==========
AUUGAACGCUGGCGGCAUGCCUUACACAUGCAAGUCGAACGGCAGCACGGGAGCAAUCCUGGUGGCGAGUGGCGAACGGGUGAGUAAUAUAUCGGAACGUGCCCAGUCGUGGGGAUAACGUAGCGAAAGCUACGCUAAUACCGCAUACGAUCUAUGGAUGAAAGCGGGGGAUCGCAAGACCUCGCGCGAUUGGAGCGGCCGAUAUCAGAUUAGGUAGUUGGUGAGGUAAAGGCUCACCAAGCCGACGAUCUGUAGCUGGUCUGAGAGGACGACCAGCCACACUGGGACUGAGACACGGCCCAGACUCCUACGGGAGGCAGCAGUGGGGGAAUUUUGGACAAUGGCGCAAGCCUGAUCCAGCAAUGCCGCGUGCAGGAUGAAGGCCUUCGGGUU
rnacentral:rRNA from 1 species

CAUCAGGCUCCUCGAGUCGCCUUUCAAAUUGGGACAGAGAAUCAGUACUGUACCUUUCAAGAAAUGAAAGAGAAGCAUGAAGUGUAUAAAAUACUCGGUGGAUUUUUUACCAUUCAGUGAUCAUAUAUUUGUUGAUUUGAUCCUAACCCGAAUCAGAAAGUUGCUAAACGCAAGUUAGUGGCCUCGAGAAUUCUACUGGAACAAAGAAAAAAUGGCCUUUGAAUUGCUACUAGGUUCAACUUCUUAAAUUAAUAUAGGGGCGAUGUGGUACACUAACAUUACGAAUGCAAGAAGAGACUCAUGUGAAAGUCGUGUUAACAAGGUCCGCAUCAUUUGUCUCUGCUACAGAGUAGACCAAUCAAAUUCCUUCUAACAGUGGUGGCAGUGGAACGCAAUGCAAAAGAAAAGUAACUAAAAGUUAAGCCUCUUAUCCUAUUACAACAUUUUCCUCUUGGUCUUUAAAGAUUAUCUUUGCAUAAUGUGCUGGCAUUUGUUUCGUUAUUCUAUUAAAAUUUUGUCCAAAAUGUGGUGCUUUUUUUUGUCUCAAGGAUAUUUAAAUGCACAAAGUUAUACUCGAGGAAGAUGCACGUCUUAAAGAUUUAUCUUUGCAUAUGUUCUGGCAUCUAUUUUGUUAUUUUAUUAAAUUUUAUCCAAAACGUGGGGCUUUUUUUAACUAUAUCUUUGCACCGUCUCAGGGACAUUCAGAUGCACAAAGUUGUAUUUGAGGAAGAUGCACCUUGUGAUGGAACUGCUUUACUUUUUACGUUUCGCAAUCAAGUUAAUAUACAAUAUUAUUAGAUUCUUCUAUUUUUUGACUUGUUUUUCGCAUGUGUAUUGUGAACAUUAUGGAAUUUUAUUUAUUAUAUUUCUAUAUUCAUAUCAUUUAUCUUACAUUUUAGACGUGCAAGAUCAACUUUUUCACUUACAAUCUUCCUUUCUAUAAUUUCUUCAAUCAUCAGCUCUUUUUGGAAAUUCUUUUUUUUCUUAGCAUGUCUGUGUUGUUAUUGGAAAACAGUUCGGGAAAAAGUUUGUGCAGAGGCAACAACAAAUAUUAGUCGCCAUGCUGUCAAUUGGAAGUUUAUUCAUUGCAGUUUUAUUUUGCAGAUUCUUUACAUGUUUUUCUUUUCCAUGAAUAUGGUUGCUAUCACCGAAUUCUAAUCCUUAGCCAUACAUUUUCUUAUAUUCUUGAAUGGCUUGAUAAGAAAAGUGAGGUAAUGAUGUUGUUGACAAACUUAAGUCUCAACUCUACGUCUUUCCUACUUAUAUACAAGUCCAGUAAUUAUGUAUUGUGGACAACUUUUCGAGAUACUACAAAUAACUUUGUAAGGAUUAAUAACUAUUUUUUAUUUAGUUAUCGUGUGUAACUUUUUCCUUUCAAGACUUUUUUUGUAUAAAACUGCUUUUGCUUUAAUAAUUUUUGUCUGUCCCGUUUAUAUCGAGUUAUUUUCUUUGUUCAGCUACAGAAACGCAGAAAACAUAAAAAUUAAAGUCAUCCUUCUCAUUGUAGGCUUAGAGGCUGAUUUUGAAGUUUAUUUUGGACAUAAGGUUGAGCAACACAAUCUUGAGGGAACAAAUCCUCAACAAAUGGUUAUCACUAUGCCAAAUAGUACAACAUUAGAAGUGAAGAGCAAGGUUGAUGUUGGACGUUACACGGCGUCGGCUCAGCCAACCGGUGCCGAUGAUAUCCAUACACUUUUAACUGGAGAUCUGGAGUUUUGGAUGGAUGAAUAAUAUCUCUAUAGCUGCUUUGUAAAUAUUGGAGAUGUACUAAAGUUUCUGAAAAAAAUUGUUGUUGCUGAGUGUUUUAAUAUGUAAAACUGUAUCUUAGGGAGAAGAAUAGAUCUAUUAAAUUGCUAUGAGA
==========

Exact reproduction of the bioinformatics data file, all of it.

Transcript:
AUUGAACGCUGGCGGCAUGCCUUACACAUGCAAGUCGAACGGCAGCACGGGAGCAAUCCUGGUGGCGAGUGGCGAACGGGUGAGUAAUAUAUCGGAACGUGCCCAGUCGUGGGGAUAACGUAGCGAAAGCUACGCUAAUACCGCAUACGAUCUAUGGAUGAAAGCGGGGGAUCGCAAGACCUCGCGCGAUUGGAGCGGCCGAUAUCAGAUUAGGUAGUUGGUGAGGUAAAGGCUCACCAAGCCGACGAUCUGUAGCUGGUCUGAGAGGACGACCAGCCACACUGGGACUGAGACACGGCCCAGACUCCUACGGGAGGCAGCAGUGGGGGAAUUUUGGACAAUGGCGCAAGCCUGAUCCAGCAAUGCCGCGUGCAGGAUGAAGGCCUUCGGGUU
rnacentral:rRNA from 1 species

CAUCAGGCUCCUCGAGUCGCCUUUCAAAUUGGGACAGAGAAUCAGUACUGUACCUUUCAAGAAAUGAAAGAGAAGCAUGAAGUGUAUAAAAUACUCGGUGGAUUUUUUACCAUUCAGUGAUCAUAUAUUUGUUGAUUUGAUCCUAACCCGAAUCAGAAAGUUGCUAAACGCAAGUUAGUGGCCUCGAGAAUUCUACUGGAACAAAGAAAAAAUGGCCUUUGAAUUGCUACUAGGUUCAACUUCUUAAAUUAAUAUAGGGGCGAUGUGGUACACUAACAUUACGAAUGCAAGAAGAGACUCAUGUGAAAGUCGUGUUAACAAGGUCCGCAUCAUUUGUCUCUGCUACAGAGUAGACCAAUCAAAUUCCUUCUAACAGUGGUGGCAGUGGAACGCAAUGCAAAAGAAAAGUAACUAAAAGUUAAGCCUCUUAUCCUAUUACAACAUUUUCCUCUUGGUCUUUAAAGAUUAUCUUUGCAUAAUGUGCUGGCAUUUGUUUCGUUAUUCUAUUAAAAUUUUGUCCAAAAUGUGGUGCUUUUUUUUGUCUCAAGGAUAUUUAAAUGCACAAAGUUAUACUCGAGGAAGAUGCACGUCUUAAAGAUUUAUCUUUGCAUAUGUUCUGGCAUCUAUUUUGUUAUUUUAUUAAAUUUUAUCCAAAACGUGGGGCUUUUUUUAACUAUAUCUUUGCACCGUCUCAGGGACAUUCAGAUGCACAAAGUUGUAUUUGAGGAAGAUGCACCUUGUGAUGGAACUGCUUUACUUUUUACGUUUCGCAAUCAAGUUAAUAUACAAUAUUAUUAGAUUCUUCUAUUUUUUGACUUGUUUUUCGCAUGUGUAUUGUGAACAUUAUGGAAUUUUAUUUAUUAUAUUUCUAUAUUCAUAUCAUUUAUCUUACAUUUUAGACGUGCAAGAUCAACUUUUUCACUUACAAUCUUCCUUUCUAUAAUUUCUUCAAUCAUCAGCUCUUUUUGGAAAUUCUUUUUUUUCUUAGCAUGUCUGUGUUGUUAUUGGAAAACAGUUCGGGAAAAAGUUUGUGCAGAGGCAACAACAAAUAUUAGUCGCCAUGCUGUCAAUUGGAAGUUUAUUCAUUGCAGUUUUAUUUUGCAGAUUCUUUACAUGUUUUUCUUUUCCAUGAAUAUGGUUGCUAUCACCGAAUUCUAAUCCUUAGCCAUACAUUUUCUUAUAUUCUUGAAUGGCUUGAUAAGAAAAGUGAGGUAAUGAUGUUGUUGACAAACUUAAGUCUCAACUCUACGUCUUUCCUACUUAUAUACAAGUCCAGUAAUUAUGUAUUGUGGACAACUUUUCGAGAUACUACAAAUAACUUUGUAAGGAUUAAUAACUAUUUUUUAUUUAGUUAUCGUGUGUAACUUUUUCCUUUCAAGACUUUUUUUGUAUAAAACUGCUUUUGCUUUAAUAAUUUUUGUCUGUCCCGUUUAUAUCGAGUUAUUUUCUUUGUUCAGCUACAGAAACGCAGAAAACAUAAAAAUUAAAGUCAUCCUUCUCAUUGUAGGCUUAGAGGCUGAUUUUGAAGUUUAUUUUGGACAUAAGGUUGAGCAACACAAUCUUGAGGGAACAAAUCCUCAACAAAUGGUUAUCACUAUGCCAAAUAGUACAACAUUAGAAGUGAAGAGCAAGGUUGAUGUUGGACGUUACACGGCGUCGGCUCAGCCAACCGGUGCCGAUGAUAUCCAUACACUUUUAACUGGAGAUCUGGAGUUUUGGAUGGAUGAAUAAUAUCUCUAUAGCUGCUUUGUAAAUAUUGGAGAUGUACUAAAGUUUCUGAAAAAAAUUGUUGUUGCUGAGUGUUUUAAUAUGUAAAACUGUAUCUUAGGGAGAAGAAUAGAUCUAUUAAAUUGCUAUGAGA